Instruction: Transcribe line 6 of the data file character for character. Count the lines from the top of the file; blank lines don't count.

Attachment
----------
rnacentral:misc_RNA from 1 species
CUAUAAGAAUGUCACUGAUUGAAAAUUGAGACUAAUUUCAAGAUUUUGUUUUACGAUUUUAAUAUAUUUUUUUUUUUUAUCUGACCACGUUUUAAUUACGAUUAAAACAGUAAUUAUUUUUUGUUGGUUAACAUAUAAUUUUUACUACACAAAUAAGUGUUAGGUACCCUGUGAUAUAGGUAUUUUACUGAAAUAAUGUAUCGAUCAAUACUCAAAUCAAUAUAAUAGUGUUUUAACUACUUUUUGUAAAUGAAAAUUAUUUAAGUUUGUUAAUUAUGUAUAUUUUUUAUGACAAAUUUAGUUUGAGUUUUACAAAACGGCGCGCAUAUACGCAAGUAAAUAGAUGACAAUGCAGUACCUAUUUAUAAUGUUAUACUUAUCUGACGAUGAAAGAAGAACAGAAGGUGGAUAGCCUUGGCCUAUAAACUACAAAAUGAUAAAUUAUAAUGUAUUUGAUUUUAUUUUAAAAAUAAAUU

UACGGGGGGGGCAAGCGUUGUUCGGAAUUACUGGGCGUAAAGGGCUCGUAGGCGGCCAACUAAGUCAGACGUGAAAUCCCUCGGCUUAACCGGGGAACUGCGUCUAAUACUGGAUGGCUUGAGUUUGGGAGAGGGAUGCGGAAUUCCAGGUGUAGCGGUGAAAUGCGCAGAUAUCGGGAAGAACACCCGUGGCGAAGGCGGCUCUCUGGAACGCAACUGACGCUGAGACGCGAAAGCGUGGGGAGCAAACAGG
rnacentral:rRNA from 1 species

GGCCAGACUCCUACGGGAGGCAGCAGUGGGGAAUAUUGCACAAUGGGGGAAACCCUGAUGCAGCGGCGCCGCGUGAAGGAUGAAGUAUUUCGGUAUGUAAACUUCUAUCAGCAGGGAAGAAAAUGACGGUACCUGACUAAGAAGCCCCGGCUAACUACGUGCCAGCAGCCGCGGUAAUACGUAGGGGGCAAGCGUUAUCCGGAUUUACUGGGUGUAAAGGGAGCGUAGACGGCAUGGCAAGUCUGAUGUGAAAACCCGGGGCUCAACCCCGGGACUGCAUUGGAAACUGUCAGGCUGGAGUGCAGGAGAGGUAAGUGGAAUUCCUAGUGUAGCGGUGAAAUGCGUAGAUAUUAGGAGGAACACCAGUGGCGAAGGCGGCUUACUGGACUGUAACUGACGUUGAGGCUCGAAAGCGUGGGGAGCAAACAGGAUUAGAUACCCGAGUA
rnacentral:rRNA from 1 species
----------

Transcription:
rnacentral:rRNA from 1 species